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Argument recap: Hall Street v. Mattel

Soon after petitioner’s attorney, Carter Phillips, began presenting his argument, Justice Ginsberg interjected to ask whether expanded judicial review should extend to de novo review. Phillips responded that dictating the standard of review would intrude further into judicial functions than is required here – even though the FAA has a strong preference for party autonomy, there are limits. Justice Kennedy wondered where the line should be drawn between a preference for party autonomy and interference with the functions of the court. Phillips answered that he was not arguing for an “extreme approach” whereby the court would be “either flipping a coin or looking at the entrails of dead birds for the basis of a decision.”

State contract law was a primary concern for the Court, particularly Chief Justice Roberts. Why couldn’t Hall St. forgo the FAA and simply enforce the agreement as a contract? Phillips responded that his client seeks the benefit of the efficiency that the FAA attempts to promote.

As the possibility of multiple sources authorizing the arbitral agreement arose, Justice Breyer became concerned. None of the authority was very clear and the open questions could make this “the case of the century” or at least one that could last a century – Phillips quipped that he only desired the “case of the day.” Returning to seriousness, petitioner’s counsel pointed to § 2 as the authorization for the arbitral agreement, but also Justice Story’s nearly two-century-old opinion authorizing a common law notion of restricted arbitration.

Focusing on the FAA, Justice Souter centered his questions on § 9. Why should the court overlook the plain language and “deliberate choice” in language of § 9 that make it restrictive? Phillips answered that § 9 does not control this matter because of the “if clause.” The section states that “if the parties in their agreement have agreed that a judgment of the court shall be entered upon the award…” Petitioner claims that they did not agree because they only consented “on the basis of whether there was a non-erroneous declaration of law by the arbitrator.” Since the agreement is outside § 9, § 2 and its emphasis on the parties’ intent, which has been recognized as the single most important objective of the FAA, controls.

Addressing the statutory predecessors, Phillips dismissed the discussion of the Illinois and New York models as a “red herring.” As Justice Scalia opined, both of the state arbitration laws contain default rules for judicial review; Scalia also stated that none of the cases that the respondent had cited were “in the teeth of an arbitration agreement that said something differently.” Ginsberg said that §§ 10 and 11 do not read like default rules. Phillips reminded, however, that the court had twice ruled that these lists were non-exhaustive – see Wilko (manifest disregard) and W.R. Grace (public policy).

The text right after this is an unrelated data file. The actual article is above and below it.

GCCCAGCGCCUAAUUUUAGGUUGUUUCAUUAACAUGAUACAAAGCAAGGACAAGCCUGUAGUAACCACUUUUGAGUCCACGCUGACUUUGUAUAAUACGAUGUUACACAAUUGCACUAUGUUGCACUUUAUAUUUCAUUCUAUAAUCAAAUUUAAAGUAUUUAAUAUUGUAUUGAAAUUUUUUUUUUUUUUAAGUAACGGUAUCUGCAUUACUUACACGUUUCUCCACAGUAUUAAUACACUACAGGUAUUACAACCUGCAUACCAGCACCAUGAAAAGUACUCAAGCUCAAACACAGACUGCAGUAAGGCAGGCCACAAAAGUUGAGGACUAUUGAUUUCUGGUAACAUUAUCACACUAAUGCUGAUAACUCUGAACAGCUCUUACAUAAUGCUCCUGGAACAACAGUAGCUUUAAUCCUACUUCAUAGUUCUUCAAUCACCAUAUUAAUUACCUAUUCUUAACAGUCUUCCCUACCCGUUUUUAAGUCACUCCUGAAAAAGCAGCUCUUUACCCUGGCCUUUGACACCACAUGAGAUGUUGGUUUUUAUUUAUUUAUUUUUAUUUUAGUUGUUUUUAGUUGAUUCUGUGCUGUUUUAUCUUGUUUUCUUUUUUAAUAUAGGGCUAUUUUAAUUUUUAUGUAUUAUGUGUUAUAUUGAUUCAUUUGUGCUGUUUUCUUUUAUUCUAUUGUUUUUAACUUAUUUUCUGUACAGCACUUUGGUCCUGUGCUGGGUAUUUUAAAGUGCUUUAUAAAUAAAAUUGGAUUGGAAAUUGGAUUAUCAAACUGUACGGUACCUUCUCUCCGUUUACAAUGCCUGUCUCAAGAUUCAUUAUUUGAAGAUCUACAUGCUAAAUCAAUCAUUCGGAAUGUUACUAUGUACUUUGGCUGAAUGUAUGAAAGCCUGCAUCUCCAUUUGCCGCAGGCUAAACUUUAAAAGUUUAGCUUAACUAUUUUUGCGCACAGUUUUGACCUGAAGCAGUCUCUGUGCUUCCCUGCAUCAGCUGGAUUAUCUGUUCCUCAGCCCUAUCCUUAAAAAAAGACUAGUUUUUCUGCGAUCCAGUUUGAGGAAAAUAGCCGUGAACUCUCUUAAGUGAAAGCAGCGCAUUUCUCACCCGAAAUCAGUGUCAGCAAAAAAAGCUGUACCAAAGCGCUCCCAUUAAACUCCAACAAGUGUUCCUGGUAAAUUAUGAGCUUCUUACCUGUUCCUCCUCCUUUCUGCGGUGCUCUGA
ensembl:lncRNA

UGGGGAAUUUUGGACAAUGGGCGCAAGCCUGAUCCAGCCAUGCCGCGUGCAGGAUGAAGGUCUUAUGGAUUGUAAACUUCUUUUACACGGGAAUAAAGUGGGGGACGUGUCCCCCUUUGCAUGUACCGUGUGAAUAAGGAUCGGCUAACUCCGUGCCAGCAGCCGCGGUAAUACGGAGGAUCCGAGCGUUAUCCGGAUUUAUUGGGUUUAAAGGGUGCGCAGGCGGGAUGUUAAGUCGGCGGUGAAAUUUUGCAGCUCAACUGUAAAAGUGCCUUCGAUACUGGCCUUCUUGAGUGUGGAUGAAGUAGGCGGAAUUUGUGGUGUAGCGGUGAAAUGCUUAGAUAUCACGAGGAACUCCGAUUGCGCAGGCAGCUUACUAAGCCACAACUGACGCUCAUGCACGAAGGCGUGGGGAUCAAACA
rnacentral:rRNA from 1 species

Respondent’s attorney, Beth Brinkmann, began her argument by claiming that petitioners were attempting to insert a new provision into the FAA. Scalia wasted no time in asking her how she explained Wilko’s “manifest disregard” exception. Brinkmann answered that this exception already existed in § 10(a)(4) and the other legal issues in Wilko left the impression that “manifest disregard” was outside of § 10. Respondent also dismissed the public policy exception as either covered by § 2 or by applicable state contract law.

The Chief Justice then steered the debate back toward his theme: why should the FAA be applied instead of state contract law? Respondent’s counsel cited finality and reduced cost of litigation as support for enforcing this case under the FAA. This conversation returned Breyer to his concern about multiple authorities of law. If the state fails to enforce the contract, then the question arises of whether federal judges can “peel off bits of cases and decide them in different ways.” This mess could lead to his “trial of the century.”

Souter also took the opportunity to return to his theme of the day: § 9. Responding to petitioner’s argument, Brinkmann asserted that the point was moot since the 9th Circuit had severed the “judicial review for legal error” clause from the arbitration agreement. Therefore, the clause no longer existed to invalidate confirmation under § 9 and bring the agreement under § 2.

The discussion then focused on the respondent’s policy arguments. Justice Stevens wondered why review for legal error would be so harmful. Brinkmann stated this expansion would undermine the efficient streamlined enforcement of the FAA. Looking for proof, Breyer queried whether a natural experiment existed in either labor arbitration, which is outside the FAA, or in circuits adhering to respondent’s interpretation of the FAA. Admitting ignorance to the workings of labor arbitration, she responded that there has yet to be widespread use of expanded judicial review under the FAA. However, this “hybrid animal” outside the FAA was simply waiting to be born from a Supreme Court ruling.

Scalia inquired why the court could not simply limit the breadth of the FAA. Appealing to Scalia’s disdain for judicial activism, Brinkmann responded that the court should defer to Congress for such decisions. Otherwise, a new federal common law would be bred.

On rebuttal, Phillips framed the question as a matter of where the burden lay at the outset of this arbitration controversy. Should petitioner have to find authorization for the arbitral agreement or rather, does the respondent need to find something in the FAA that precludes enforcement? Petitioner, predictably, placed this burden on the respondent. Addressing respondent’s severability argument, Phillips answered that since the court is reviewing the initial decision over the arbitration agreement, you need not arrive at the severability decision.